The Portal Entryways team includes Morgen Glessing and Josh Horne, two undergraduate students at Brigham Young University (BYU). Although Morgen and Josh both coincidentally grew up in Washington state and served full-time missions for The Church of Jesus Christ of Latter-day Saints in Brazil at the same time, their paths did not cross until they met at BYU in an interdisciplinary innovation fellowship program. While in this program, they began searching for a problem that they could solve, and upon meeting with a friend who uses a wheelchair, they learned that most technologies do not cater to all types of physical abilities. With Josh's skills in hardware and software and Morgen's business acumen, the two developed a solution that makes automatic doors more accessible. Their invention, known as Portal, is a wireless device that opens disabled-accessible doors when a user approaches with the Portal smartphone app. The team was awarded the $10,000 “Move it!” Lemelson-MIT Student Prize for their inventive work.
Morgen Glessing grew up in rural Vancouver, WA, and without access to internet or television as a child, he satisfied his hunger for learning by devouring book after book from the school’s library, so much so that he tested at an advanced high school reading level by the third grade. Upon graduating from high school, Morgen worked in information technology at a medical clinic in Vancouver, WA, where he first discovered his passion for technology. Following this, he volunteered on a two-year service mission in southern Brazil, an experience that taught him to appreciate people from all walks of life. Morgen went on to attend college at BYU, but in the middle of his sophomore year, he decided that he needed time away from school to think about what he wanted to accomplish with his life. Shortly after, he hiked the entirety of the 2,700-mile Pacific Crest Trail from the Mexican border to Canada, learning along the way that a dogged persistence can lead to successfully completing what may seem like an insurmountable task. After finishing the trail in four months, Morgen returned to BYU and entered the undergraduate entrepreneurship program, where he is currently finishing his senior year. Morgen serves as a student advisor in the BYU entrepreneurship center, mentoring students who are looking for entrepreneurial opportunities on campus, and he has been involved in a handful of technology-related startups. His mission is to continue to apply design thinking to problems people face every day, and to build technological solutions that make people happy.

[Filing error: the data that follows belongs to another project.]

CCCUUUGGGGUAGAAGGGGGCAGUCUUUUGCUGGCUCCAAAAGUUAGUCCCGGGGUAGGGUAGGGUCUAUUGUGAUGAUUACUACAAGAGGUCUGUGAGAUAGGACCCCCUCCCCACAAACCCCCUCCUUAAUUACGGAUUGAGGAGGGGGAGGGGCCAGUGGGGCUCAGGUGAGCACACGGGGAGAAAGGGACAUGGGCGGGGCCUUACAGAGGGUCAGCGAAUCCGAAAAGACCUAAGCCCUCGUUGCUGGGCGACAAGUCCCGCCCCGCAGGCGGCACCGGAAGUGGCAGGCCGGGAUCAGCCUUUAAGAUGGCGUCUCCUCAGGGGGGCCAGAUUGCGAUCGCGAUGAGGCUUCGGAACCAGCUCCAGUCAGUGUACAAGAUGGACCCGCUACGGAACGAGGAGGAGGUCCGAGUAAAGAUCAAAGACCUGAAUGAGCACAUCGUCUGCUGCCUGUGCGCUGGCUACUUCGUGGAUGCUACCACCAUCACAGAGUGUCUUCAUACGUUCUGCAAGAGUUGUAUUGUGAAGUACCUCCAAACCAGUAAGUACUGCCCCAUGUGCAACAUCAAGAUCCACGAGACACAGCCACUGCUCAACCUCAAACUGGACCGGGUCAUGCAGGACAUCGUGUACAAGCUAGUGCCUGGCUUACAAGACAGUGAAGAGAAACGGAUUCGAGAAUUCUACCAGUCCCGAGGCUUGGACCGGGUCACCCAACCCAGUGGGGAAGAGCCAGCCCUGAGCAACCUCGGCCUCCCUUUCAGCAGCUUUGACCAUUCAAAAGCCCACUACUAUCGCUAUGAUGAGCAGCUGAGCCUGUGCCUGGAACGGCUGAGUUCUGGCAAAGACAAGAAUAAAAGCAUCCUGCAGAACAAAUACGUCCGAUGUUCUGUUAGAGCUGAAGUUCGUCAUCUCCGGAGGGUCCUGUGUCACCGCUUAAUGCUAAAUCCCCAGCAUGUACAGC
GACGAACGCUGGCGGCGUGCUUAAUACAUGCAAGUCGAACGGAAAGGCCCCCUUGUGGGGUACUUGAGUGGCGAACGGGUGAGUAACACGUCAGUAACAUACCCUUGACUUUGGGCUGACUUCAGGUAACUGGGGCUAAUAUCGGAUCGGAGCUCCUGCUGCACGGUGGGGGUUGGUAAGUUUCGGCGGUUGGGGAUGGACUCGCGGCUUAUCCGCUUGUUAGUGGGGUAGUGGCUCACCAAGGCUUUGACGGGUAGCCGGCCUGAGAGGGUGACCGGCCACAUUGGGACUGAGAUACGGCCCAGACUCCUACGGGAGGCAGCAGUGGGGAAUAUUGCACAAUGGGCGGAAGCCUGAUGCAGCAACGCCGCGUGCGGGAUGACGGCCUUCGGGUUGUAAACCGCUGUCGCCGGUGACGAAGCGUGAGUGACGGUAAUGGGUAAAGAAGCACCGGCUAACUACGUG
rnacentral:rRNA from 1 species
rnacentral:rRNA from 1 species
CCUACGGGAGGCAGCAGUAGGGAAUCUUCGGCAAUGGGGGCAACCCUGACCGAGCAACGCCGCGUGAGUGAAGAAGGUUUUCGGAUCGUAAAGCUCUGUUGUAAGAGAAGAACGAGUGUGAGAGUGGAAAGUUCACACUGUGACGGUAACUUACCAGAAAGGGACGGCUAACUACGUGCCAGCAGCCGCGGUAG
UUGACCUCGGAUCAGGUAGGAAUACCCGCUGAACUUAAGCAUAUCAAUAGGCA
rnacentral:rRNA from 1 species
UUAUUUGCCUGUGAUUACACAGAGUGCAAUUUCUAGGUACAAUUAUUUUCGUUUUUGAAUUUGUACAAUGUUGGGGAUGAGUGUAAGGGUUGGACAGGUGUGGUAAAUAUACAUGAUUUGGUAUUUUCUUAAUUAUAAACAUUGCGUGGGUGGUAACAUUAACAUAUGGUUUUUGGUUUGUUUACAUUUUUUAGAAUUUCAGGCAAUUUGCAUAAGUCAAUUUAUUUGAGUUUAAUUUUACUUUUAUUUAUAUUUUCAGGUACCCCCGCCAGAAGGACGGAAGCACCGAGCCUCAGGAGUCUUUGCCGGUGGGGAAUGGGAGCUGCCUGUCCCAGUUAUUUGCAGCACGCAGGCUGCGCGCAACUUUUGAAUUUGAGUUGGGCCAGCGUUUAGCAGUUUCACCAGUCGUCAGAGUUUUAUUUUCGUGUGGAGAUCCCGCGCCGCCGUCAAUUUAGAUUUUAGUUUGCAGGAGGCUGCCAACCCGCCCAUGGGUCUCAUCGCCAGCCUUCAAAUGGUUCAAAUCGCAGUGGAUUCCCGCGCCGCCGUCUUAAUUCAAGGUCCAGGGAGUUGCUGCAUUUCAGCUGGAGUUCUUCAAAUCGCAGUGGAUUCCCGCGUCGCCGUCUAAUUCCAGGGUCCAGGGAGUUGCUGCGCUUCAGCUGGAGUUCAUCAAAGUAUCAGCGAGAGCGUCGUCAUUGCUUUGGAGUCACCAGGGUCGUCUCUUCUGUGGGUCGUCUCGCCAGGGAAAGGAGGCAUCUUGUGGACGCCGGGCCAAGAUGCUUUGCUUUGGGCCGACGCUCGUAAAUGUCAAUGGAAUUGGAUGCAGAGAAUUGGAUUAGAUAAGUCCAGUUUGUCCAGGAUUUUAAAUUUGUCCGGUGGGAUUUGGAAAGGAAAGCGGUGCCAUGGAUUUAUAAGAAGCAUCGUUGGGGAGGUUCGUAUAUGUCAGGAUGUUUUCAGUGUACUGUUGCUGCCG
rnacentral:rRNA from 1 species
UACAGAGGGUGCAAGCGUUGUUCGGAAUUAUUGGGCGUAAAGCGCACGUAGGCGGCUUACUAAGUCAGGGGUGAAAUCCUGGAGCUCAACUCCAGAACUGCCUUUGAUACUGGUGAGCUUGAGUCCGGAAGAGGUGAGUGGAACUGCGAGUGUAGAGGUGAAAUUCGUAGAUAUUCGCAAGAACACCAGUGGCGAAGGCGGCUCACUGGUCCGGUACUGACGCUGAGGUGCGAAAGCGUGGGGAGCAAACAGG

Josh Horne has always been interested in technology and the arts, and while growing up in Maple Valley, WA, could often be found playing with Legos or building items in his garage, ranging from banjos to halfpipes. After high school, Josh served on a two-year service mission in Sao Paulo, Brazil. This was a life-changing experience for him, as he grew to love the people and culture of Brazil. Following his service mission, Josh decided to pursue his passion for technology and entered the electrical engineering program at BYU. He also started taking entrepreneurship classes to learn more about startups and innovation, which led him to spend three summers selling pest control door-to-door, building his interpersonal and sales skills. Stemming from these experiences and his electrical engineering and technical skills, Josh was recruited to work at a medical device startup where he helped the team design and build a vital monitoring system. Josh also serves as a student advisor in the BYU entrepreneurship center, and helps promote student competitions and events to grow the entrepreneurial and innovation culture on campus and in the community. Josh is currently completing his senior year at BYU, but he is a firm believer in lifelong learning and that discipline and personal development has had and will continue to have a tremendous impact on his success.